Tuesday 20 November 2018

From black and white to colour . . . eyes opened to sound of socks

Bryony Gordonin London

NEIL Harbisson is, quite literally, a man who has always viewed life in black and white.

The 22-year-old Spaniard, who moved to Totnes in south Devon in 2003, was born with achromatopsia, a rare condition that affects only one person in 33,000 and causes monochromatism, or complete colour blindness. But last year, he was able to see - or, more accurately, hear - colours for the first time.

Harbisson has been fitted with a machine that turns colours into soundwaves, with a different sound representing each hue. The Eye-Borg, as it is known, features a head-mounted digital camera that reads the colours in front of Harbisson and converts them, via a laptop he carries in a backpack, into sound.

A scale of musical tones represents the spectrum of colours - light hues are high-pitched, while darker colours sound bolder. It is, in a way, forced synaesthesia; its creator, 23-year-old digital multimedia expert Adam Montandon, describes the invention as "like hearing a colour wheel".

Harbisson has worn the Eye-Borg for every waking moment since last March, when he became the first person to be fitted with one.

"I used to get jam mixed up with tomato sauce, and orange juice confused with apple juice. I had to ask people what a particular food was, or smell it, and when I was young, lots of people thought that was slightly odd."

At school, he was teased by classmates, who thought he was just being lazy every time he asked one of them to pass the red paint in an art class, or pick out a blue pen. He dressed exclusively in black and white. "What was the point in wearing something I couldn't appreciate?" he asks.

When we meet, Harbisson is wearing a bright orange jumper. Red socks poke out from under his jeans. These, he says, were the first colourful clothes he bought. "I walked past them in a shop, and thought, 'I like the sound of those socks, I'll buy them'," he smiles.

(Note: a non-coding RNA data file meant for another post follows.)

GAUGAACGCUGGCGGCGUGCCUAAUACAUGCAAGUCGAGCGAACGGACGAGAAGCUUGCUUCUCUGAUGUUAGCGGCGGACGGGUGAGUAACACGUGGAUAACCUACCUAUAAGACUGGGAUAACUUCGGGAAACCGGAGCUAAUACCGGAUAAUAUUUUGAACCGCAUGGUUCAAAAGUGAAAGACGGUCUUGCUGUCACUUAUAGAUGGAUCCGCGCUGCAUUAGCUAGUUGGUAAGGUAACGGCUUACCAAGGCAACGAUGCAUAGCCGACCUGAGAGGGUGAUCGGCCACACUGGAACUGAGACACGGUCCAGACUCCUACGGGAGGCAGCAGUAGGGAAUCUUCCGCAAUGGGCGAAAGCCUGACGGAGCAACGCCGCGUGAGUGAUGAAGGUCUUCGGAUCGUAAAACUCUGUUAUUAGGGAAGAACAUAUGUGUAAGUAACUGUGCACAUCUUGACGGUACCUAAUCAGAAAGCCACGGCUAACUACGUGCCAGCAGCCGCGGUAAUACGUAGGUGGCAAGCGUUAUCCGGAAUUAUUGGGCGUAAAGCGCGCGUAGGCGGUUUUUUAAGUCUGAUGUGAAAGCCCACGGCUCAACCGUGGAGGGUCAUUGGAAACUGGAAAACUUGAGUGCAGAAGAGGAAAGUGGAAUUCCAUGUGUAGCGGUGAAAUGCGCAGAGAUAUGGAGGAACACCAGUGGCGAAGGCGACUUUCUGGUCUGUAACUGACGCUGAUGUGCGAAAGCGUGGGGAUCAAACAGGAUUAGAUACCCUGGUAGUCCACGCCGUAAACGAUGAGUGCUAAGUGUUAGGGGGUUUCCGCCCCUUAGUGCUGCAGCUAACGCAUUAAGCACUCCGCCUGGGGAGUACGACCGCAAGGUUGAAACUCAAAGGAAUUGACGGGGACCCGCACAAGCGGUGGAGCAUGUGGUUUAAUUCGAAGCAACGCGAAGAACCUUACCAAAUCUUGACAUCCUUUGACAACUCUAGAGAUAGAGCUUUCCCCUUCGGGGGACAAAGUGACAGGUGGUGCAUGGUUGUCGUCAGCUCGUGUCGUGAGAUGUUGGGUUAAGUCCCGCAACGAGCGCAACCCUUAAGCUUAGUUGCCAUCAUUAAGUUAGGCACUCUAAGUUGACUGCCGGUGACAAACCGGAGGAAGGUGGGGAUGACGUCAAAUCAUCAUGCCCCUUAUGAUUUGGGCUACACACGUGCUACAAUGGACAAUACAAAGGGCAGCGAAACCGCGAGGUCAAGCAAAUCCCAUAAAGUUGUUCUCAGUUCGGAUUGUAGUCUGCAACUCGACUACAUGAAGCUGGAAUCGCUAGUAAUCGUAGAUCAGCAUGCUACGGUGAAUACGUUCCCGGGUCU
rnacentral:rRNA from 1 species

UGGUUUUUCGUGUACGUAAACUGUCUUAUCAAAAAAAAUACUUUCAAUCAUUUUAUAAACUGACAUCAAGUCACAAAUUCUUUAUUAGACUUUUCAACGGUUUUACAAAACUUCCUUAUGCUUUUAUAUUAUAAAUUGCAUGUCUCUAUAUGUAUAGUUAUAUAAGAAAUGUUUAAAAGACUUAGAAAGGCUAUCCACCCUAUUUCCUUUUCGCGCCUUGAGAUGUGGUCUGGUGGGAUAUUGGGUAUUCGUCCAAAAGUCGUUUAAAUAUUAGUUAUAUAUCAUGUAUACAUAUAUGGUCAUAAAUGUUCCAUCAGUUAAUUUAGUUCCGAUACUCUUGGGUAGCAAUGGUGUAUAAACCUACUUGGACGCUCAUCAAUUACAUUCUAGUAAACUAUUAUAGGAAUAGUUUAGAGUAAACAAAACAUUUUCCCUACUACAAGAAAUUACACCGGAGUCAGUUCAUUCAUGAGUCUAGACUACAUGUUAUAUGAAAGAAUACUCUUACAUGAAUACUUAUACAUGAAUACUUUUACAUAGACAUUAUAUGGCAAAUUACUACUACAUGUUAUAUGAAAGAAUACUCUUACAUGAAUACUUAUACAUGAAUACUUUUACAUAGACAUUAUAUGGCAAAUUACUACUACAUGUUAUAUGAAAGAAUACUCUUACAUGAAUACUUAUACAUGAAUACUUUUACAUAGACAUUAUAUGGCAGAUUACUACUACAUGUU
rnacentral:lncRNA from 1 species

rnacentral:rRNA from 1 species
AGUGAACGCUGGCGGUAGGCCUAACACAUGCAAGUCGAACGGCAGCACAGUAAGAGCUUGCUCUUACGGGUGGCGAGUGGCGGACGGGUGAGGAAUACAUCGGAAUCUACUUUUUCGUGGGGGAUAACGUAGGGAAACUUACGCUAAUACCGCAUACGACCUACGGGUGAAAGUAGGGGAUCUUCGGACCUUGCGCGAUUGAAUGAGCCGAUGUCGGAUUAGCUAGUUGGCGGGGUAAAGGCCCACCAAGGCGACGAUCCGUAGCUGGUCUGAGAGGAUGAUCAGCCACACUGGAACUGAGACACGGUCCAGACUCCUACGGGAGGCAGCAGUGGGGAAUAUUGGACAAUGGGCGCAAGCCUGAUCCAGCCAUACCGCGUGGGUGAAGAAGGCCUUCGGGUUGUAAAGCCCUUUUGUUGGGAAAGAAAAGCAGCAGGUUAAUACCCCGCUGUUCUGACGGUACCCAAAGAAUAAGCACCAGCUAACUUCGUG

The most dramatic impact of the Eye-Borg has been on his work. Remarkably, Harbisson chose to study art when he moved to Devon. Until he was fitted with Montandon's invention, his canvases were daubed with only black, white and charcoals. Now, he has a palette of brightly coloured paints, and his work is full of bold and vibrant tones.

"I now see my art as composing music on canvas," says Harbisson, who also now "hears colours" when listening to music - he recently went to a concert where the female performer sang shades of yellow and, he says, the whirr of his Hoover is red.

"Before, I was slightly afraid of my art. But now, I am having so much fun with it, painting masses of objects that all have sounds."

He is very excited about the possibilities that the invention holds for other visually impaired people. "One day, blind people could paint through sound, and perhaps even the deaf could compose music using colour."

In the meantime, he intends to wear the Eye-Borg all day, every day. (© Daily Telegraph, London)

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